1980 Military coup
In 1980, Demirel was overthrown by the military and
General Kenan Evren took over the presidential post. A new
agreement was drafted on US military bases in the country
and Turkey began to receive $ 1 million annually in rent for
these. The trade unions and the activities of political
parties were banned, and the Turkish government were from
abroad accused of violations of human rights.
In 1983, a new constitution was adopted, and a political
opening was launched, aimed primarily at reassuring Western
European critics. The new government set itself the goal of
becoming a member of the Community, giving new impetus to
modernization, distancing itself from more nationalist
policies and accepting economic liberalism.
The continuing rivalry between the traditional parties
led by the Conservative Demirel and the Social Democrat
Ecevit in 1987 paved the way for the Motherland Party's
election victory. The new Prime Minister Turgut Özal threw
the country into extensive privatization, economic
liberalization and promotion of exports. According to
the program was designed by the IMF and the World Bank,
which assured that with this policy the country would become
rich and be admitted into the Community.- a popular
destination in a country where all families have at least
one member working in Western Europe. But political freedoms
did not follow suit, and the Common Market therefore
postponed the processing of the Turkish application, arguing
that it was due to high inflation and unemployment, the lack
of social policy and the conflict with Greece. These
conditions prevented a rapid uptake.
Özal was accused of nepotism, corruption and lack of
feeling with the social consequences of his economic policy.
He therefore suffered a staggering defeat in the municipal
elections in March 1989. Still, he was maneuvered so that in
October of that year, Parliament appointed him president. He
thus became the first civilian in several decades to occupy
this post. Since 1984, the Kurdish separatist movement PKK
had waged armed struggle in Kurdistan, and from 1990 this
battle hit the Turkish state ever harder.
When the blockade against Iraq began in August 1990 -
following the invasion of Kuwait - Turkey interrupted the
Iraqi flow of oil through its territory. Although Turkey did
not contribute soldiers to the US-led alliance against Iraq,
the country allowed its aircraft bases and the North
American bases to be used as a starting point for the
massive bombing of Iraq. The opposition seriously questioned
this policy as it worsened the relationship with a
neighboring country in a zone tense because of Kurdish
separatism. (See Gulf War)
Ankara also feared that a possible independent Iraqi
Kurdistan could "infect" the Kurds in Turkey. The Kurdish
people extend over the countries of Turkey, Syria, Iran and
Iraq. It is the world's largest ethnic minority without its
own country. Alone in Turkey lives approx. 15 million Kurds
who are not entitled to their own language or cultural
In October 1991, with the support of aircraft and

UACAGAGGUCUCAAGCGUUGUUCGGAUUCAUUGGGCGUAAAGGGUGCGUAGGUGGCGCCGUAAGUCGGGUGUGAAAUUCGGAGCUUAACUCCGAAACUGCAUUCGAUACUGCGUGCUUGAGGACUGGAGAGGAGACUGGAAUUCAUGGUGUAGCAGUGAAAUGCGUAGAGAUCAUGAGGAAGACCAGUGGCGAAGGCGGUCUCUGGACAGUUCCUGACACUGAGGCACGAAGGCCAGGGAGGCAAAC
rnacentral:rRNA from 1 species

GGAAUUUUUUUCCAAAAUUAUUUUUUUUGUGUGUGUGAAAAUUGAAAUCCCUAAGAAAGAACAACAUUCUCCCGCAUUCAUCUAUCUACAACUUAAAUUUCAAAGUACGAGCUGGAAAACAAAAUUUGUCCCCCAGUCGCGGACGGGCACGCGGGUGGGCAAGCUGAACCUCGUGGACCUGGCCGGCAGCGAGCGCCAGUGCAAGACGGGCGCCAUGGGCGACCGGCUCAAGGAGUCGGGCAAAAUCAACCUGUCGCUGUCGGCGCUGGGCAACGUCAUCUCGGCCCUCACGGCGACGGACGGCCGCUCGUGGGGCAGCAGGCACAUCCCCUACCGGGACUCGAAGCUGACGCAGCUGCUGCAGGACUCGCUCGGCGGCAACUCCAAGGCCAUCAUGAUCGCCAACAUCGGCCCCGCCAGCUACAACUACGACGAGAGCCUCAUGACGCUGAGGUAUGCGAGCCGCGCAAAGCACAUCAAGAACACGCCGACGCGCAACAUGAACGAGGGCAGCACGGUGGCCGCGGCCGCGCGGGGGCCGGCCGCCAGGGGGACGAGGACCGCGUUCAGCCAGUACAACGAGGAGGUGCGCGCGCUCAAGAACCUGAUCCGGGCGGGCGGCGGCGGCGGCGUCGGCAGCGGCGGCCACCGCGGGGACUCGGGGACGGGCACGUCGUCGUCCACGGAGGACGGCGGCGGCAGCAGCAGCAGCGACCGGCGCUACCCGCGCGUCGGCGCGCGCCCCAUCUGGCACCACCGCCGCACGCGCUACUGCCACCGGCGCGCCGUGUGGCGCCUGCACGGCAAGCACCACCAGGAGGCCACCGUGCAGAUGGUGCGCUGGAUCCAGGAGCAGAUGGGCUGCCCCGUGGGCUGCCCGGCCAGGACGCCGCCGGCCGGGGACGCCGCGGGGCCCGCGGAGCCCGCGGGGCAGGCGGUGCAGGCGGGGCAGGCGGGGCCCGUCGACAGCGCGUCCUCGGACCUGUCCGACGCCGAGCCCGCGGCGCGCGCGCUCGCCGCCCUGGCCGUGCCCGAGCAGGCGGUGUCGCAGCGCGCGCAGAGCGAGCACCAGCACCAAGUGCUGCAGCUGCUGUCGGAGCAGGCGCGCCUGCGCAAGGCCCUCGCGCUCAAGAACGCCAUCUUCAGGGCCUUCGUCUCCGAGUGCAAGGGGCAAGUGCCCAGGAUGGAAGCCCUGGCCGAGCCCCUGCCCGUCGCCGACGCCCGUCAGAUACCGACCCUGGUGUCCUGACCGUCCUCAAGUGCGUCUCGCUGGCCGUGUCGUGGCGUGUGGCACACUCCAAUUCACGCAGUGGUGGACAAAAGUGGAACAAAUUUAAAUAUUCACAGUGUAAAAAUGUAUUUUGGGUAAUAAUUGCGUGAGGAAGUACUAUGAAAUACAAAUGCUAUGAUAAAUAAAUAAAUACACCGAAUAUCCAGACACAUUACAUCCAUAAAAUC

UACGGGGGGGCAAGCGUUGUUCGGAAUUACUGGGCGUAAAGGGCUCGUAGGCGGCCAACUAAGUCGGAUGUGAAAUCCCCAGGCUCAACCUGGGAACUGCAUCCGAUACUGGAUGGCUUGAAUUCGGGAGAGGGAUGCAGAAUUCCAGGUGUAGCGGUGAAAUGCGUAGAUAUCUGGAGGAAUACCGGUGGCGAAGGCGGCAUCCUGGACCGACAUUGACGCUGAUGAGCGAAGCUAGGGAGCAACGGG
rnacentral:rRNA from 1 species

helicopters, the Turkish army penetrated northern Iraq to
attack PKK bases. Kurdish sources condemned the bombings of
the civilian population.
At the October 20 parliamentary elections, Suleiman
Demirels defeated the True Way Party (DYP) by 27% of the
vote and 178 of Parliament's 450 seats. The slim majority
forced Demirel to form an alliance with the People's Social
Democratic Party (SHP) led by Erdal Inönü. It had received
21% of the vote. The Motherland Party (ANAP) had received
24% of the vote, declaring it was in opposition.
Demirel was faced with a $ 6 billion government budget
deficit, a $ 44 billion foreign debt and an annual inflation
rate of 70%. Apart from the fundamentalist movements, all
political parties agreed that the country's main political
objective was the accession to the EU.
On November 14, a Philippine cargo ship with thousands of
sheep collided with a Lebanese ship between the Black Sea
and the Maritime Sea, near Istanbul. The cargo ship Madonna
Lilli sank on 29 meters of water and carried all her cargo.
The flooding of the sheep on the bottom of the sea, the
extensive development of methane gas and the use of oxygen
in the water were characterized by experts as an ecological
timed bomb. The episode also focused on the pollution of
Turkey's most populous city. The canals that traverse the
city are heavily polluted as a result of the discharge of
untreated wastewater that has killed all life to a depth of
20 meters below sea level.
The women's organization Purple roof women's shelter
foundation had been formed in 1980. In 1991, it
presented studies of men's violence against women. The
results showed that 45% of Turkish men agree that it is
proper to punish women when they do not obey their men. The
study also showed that 1 in every 4 single women and 1 in
every 3 marriages are exposed to violence.
During Prime Minister Demirel's trip to the Kurdish
provinces in December, he was forced to recognize the
identity of the Kurdish people. In all villages, the
government delegation was welcomed by residents demanding
respect for human rights, stopping aggression and ending the
torture of political prisoners.
In mid-1992, the banned PKK declared that it had formed a
war government and a National Assembly in the area it
considers Kurdistan, which includes parts of Turkey and
Iraq. A few days later and coinciding with the Kurdish New
Year (Newroz), a popular revolt erupted in the southeastern
provinces, resulting in violent clashes - especially in the
city of Cizre - between partisans and Turkish security
forces. Following Turkish Interior Minister Ismet Sezgin's
visit to Damascus in April, Turkey and Syria announced an
agreement to fight Kurdish "terrorist organizations". The
Syrian government agreed to close the PKK training camps in
the country and tighten control at the common border.